It is becoming increasingly clear that you are never too young to start up on your own. With the average age of entrepreneurs in India approximating at 28 and in the US at 39, role models are getting younger by the day! We have several well-known entrepreneurs who are still in their 20s (Palmer Luckey from Oculus, Evan Spiegel and Bobby Murphy from Snap Inc., and John and Patrick Collison from Stripe, to name a few) and the next mile seems to be starting up while you are still in your teens. There are young kids and teenagers who are starting up while they are in school even.
However, youth or teenage entrepreneurs often have little or no access to capital and experience in building businesses. What works for them, though, is that they have little to lose with no families and lifestyles to take care of and far more exposure to ideas and resources than any generation before them.
We deep-dived into entrepreneurial ideas for teenagers to get them started on their journeys, the sooner the better! Here is what we found:
With access to free selling platforms like eBay and Etsy, creative teenagers can get started on their entrepreneurial journey with just enough capital to spend at a hobby store. With Indian and other handicrafts coming back in fashion, practically anything from hand-embroidered fabrics and crochet to knitting and paper and clay jewellery will find buyers, as long as it is done well. Jason O'Neill started when he was nine by making bug shaped pencil toppers. His company is called Pencil Bug.
Self-publishing has caught on in India like never before with platforms like Kindle Direct Publishing offering the service for a reasonable royalty. For teenagers interested in the written word, not only does this give them entrepreneurial income, it also gets their work enough exposure from an early age.
Target, a magazine for teenagers, was all the rage in the 90s. There is no Gen Z equivalent of it. Even as parents worry about what kind of content young adults are exposing themselves to online, more and more children and young adults have no choice but to spend all their time online. Make a difference with an intelligent, well-written monthly magazine, host it online on sites like Issuu for a nominal fee, and advertise it on the right social media startups to build an audience. A well-known example is Rookie Magazine by 21-year-old Tavi Gevinson, which has also received considerable media attention since its launch in September 2011.
Blogs and podcasts can earn an income from several sources including Google Ads, brand partnerships, and native advertising. But for that, teen entrepreneurs must find their focus area, which can be anything from literature and music to teen fashion or issues. Once they build an audience across social media, income and influencer partnerships will follow as brands target more and more influencers in the age of word-of-mouth going digital. There is a big tuned in the teen audience for the right material, evidenced by the success of podcasts and blogs like The Moth, The Sporkful, HowStuffWorks, and more.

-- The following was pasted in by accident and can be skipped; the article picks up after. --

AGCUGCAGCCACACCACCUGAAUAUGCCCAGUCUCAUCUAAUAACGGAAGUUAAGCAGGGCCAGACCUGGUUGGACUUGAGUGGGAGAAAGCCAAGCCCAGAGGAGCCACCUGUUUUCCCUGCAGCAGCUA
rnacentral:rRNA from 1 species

Teen and kids’ birthday parties and celebrations look nothing like before, when mums dished out home-made food and friends were called home to watch a movie and play party games. Now, these parties are no less than a well-organized event of sorts. Working parents are busier than ever before and wouldn’t mind a little help from a teenager willing to do the running around and the DIY. You have a ready and captive audience too in the neighbourhood or apartment complex and among parents of friends.
Yet again, teenagers now have access to recipes online and fully functional, safe kitchens at home. With more and more stay-at-home mums getting into the business, customized cakes and cupcakes are all the rage now. Get started and get good at it, get on Instagram, use the right hashtags, and orders will follow. Cory Nieves started Mr. Cory's Cookies when he was only six.
With online YouTube stars becoming all the rage and both children and parents becoming increasingly hard-pressed for time, it is only a matter of time before online coaching catches on. For now, it is limited to JEE or medical preparations, but there is a lot of scope for all kinds of coaching. Decide what you are good at – math or history, writing, music, or dance – start with YouTube, and monetize it through subscription over time.
Babysitting is one of the oldest ways for teenagers to earn an income around the western world. Now, with families getting smaller, working parents, and lack of trustworthy help, young parents in India too are often ready to rely on the neighbourhood teenager to take care of the kids when they are stuck at work or have social engagements. Show them you are responsible enough to take care of young kids, build trust, advertise yourself on apartment notice boards, and get started! Nora Mintz the 15-year-old Founder of NYC's nannies.
Have a knack for capturing great pictures using your parents’ hand-me-down iPhone? For small family gatherings and social events, that is usually all you need. Start a Facebook page, advertise your services on home service apps like Urban Clap or Housejoy, and get going.
Diwali and Christmas see jaded adults unwillingly scouting the market for decorations every year. If you have a knack for aesthetics or are even just great at finding decor ideas on Pinterest, sign up for a décor service on a home service app. Charge a nominal fee for your commute, products, and services, do a great job, and get referrals the next festive season!
In India, the culture of monthly allowances never really caught on, but entrepreneurship sure did. As long as you can manage your academics and extracurricular activities with your entrepreneurial journey, not only will these ideas bring extra spending money, they will also expose you to the world of capital, income, and running a profitable business early on.
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